Wednesday, 5 September 2012


The Jelly Bean Crisis

By Jolene Stockman

~ YA/Life/Realistic/Contemporary~

Paperback, 308 pages
Published August 1st 2012 by CreateSpace

***** out of 5 stars

The Blurb: (Via Goodreads)

A total meltdown. The whole school watching. Now Poppy’s an ex-straight-A with no Plan B.

When Poppy Johnson throws away a full scholarship to Columbia, she can only blame the jelly beans. The yucky green ones? Midnight cram sessions and Saturday’s spent studying. The delicious red? The family legacy: Columbia, and a future in finance. Except now it’s starting to look like Poppy’s jelly bean theory is wrong. School has been her life until, but maybe it’s time to start living now.

Poppy has thirty days to try a new life. No school, no studying. Just jumping into every possible world. Thirty days to find her passion, her path, and maybe even love. The Jelly Bean Crisis is officially on.

My Review:

I absolutely loved this book.

I first saw a review for "The Jelly Bean Crisis" on a book blog, I instantly fell in love with the cover and it got me reading the review. As soon as I got my Kindle it went straight on there!

And I wasn't disappointed.

Poppy thinks she has it all worked out. Or rather, it all seems to be mapped out for her. She has her friends, she is a straight A student and to top it off she wins herself a scholarship... That's when she has her melt down and we learn about the jelly bean theory...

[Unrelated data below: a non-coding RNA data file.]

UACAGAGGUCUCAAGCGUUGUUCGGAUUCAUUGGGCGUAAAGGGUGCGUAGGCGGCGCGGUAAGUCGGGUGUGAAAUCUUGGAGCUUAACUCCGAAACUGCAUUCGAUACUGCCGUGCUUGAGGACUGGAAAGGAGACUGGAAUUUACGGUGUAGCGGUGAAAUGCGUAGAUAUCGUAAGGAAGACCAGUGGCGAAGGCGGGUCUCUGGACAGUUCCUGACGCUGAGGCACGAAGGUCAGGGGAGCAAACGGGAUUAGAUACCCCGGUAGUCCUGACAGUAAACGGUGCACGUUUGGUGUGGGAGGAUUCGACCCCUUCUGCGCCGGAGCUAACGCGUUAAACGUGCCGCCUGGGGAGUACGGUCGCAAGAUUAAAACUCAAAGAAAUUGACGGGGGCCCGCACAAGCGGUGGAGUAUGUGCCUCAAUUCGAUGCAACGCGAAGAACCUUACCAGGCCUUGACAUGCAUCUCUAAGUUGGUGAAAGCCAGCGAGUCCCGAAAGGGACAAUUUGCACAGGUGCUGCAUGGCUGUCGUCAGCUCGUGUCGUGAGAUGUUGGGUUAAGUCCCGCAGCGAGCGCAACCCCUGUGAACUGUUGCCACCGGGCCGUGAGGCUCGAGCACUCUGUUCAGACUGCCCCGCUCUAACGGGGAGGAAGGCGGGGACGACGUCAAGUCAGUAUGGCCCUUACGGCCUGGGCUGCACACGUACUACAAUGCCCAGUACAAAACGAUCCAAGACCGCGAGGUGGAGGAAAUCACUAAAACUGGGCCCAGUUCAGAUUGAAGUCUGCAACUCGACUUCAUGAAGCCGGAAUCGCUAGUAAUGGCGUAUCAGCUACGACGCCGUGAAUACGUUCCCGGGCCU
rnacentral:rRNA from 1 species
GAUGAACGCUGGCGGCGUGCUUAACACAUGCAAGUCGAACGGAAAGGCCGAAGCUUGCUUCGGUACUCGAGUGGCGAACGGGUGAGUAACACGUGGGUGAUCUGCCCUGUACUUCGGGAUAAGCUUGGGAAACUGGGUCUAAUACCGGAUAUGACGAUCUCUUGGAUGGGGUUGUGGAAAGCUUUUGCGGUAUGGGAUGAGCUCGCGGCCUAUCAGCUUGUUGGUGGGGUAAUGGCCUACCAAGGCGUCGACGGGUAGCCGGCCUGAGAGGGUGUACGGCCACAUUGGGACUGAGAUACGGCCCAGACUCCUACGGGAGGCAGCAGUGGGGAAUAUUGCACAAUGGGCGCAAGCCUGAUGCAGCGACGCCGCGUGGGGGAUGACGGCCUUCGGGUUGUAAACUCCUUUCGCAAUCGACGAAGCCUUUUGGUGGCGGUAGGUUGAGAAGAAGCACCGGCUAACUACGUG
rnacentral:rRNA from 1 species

We all have systems (especially when it comes to eating jelly beans right?!), Poppy's theory is: eat all the not-so-good ones first so you are left to eat the best ones at the end. This theory also seems to apply to her life. She is getting all the worst bits out of the way first; school, college, etc to get to the best part at the end... A career in finance.

But she starts to wonder who she is actually doing it for and if she will be happy.

Stockman's writing style was easy to get into and just seemed to be fluid. I quickly relaxed into the pace and really enjoyed getting to know the characters.
I think what makes the book so great is that the character Poppy is someone who many of us can identify with. At some point in our lives (and for some, it's something that stays with us) we all ask: Why am I here? What am I supposed to be doing with this life?

I thought Poppy's voice and character was believable and had me rooting for her all the way. The scary thing about this book, is how much you can relate to her. I kept finding myself nodding in agreement and determined to keep reading so I could see what she was to discover next.
As the story progressed, I also thought her character did too; she seemed to get stronger and a bit more 'gutsy'.
I particularly liked her grandmother; and I also liked the whiff of romance to the book - which wasn't overdone and was charming to follow alongside all the other events in the book.

Overall, the book is very well written, a believable and strong protagonist and a wonderful plot line.
It's a great read and I would recommend to anyone who would enjoy an inspirational read.


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